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PREFACE.

The main design of this book is to assist in directing students of English composition to the merits and the defects of our principal writers of prose. It is not, however, merely a collection of received critical opinions. It may be of some value to the inquirer after general information, as well as to readers more advanced than those kept specially in view.

The characteristics of the work are briefly these. It deals with prose alone, assigning books of fiction to the department of poetry; it endeavours to criticise upon a methodical plan, fully explained in an Introduction; it selects certain leading authors for full criticism and exemplification; and it gives unusual prominence to three select authors of recent date.

Little need be said to justify taking up Prose by itself. In criticising Poetry we are met by very different considerations from those that occur in the other kinds of composition. What is more, many people not particularly interested in Poetry are anxious for practical purposes to have a good knowledge of Prose style ; and when Prose and Poetry are discussed in the same volume, Prose is generally sacrificed to Poetry.

In excluding Romance or Fiction from a Manual of Prose Literature, I follow a division suggested by the late Professor George Moir, in his treatises on Poetry, Romance, and Rhetoric. Romance has a closer affinity with Poetry than with Prose: it is cousin to Prose but sister to Poetry; it has the Prose features, but the Poetical spirit.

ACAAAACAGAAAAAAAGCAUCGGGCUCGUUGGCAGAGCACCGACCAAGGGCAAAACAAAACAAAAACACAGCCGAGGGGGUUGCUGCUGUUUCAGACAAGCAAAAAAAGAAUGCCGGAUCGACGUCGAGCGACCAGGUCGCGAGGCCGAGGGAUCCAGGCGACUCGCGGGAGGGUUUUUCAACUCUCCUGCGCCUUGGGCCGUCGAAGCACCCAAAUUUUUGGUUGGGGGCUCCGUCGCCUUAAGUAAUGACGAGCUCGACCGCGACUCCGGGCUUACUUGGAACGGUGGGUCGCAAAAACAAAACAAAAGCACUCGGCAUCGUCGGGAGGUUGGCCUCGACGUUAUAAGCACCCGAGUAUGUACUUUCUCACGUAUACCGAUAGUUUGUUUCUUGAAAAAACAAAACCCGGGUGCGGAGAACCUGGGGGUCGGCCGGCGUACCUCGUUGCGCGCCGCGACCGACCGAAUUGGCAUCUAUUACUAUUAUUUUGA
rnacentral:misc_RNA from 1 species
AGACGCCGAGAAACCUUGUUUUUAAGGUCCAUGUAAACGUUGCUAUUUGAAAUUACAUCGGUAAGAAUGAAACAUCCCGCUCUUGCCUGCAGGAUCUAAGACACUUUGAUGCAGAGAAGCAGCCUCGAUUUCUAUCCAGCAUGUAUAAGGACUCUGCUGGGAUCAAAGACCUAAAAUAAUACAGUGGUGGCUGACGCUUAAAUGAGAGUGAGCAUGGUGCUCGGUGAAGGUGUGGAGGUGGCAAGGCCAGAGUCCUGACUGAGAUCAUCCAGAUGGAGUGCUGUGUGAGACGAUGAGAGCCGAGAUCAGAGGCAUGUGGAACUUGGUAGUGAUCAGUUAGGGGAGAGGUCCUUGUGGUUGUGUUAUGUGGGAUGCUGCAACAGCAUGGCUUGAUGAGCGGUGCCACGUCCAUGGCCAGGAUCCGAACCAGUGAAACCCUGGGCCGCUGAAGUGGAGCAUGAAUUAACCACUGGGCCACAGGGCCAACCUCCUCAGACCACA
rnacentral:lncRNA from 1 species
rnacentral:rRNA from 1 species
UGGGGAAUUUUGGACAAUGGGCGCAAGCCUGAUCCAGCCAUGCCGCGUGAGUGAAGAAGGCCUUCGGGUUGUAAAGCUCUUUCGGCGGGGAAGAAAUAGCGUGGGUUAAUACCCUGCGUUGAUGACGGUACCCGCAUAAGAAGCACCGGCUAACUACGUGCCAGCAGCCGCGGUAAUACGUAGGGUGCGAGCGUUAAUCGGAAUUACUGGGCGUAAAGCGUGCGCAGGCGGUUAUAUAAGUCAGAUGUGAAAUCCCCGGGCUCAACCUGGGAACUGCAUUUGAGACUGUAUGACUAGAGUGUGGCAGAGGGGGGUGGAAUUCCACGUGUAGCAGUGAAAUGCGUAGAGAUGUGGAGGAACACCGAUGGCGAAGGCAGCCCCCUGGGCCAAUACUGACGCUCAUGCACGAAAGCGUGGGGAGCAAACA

The advantages of criticising upon a methodical plan in terms previously defined, will be at once apparent. Criticising methodically is like ploughing in straight lines : we get over the field not only sooner, but to much better purpose; besides, it is easier to see both what we accomplish and what we miss. As regards the defining of critical terms, it was a favourite position with De Quincey that “ before absolute and philosophic criticism can exist, we must have a good psychology.” The present work makes little pretension to be philosophic, much less to be absolute; but it is an attempt to apply in criticism some of the light thrown upon the analysis of style by the newest psychology. I am aware that methodical critical dissection is considered by many a cold disenchanting process. But however cold and disenchanting, it is indispensable to the student: it is part of the apprenticeship that every workman must submit to. Before learning to put a complicated mechanism together, we must take it to pieces, and study the parts one by one. If the student goes to work at random, picking up a hint here and a hint there, he is completely at the mercy of every pedantry that comes to him under the sanction of a popular name. true preservative against literary crotchets and affectations, is a comprehensive view of the principal arts and qualities, the principal means and ends, of style.

It may be said that criticism on a uniform plan tends to destroy individuality; that a book constructed on such a plan can be nothing but a featureless inventory. This can happen only if the plan is narrow, and if specific modes of the various qualities of style are not distinguished with sufficient delicacy. Uniformity of plan,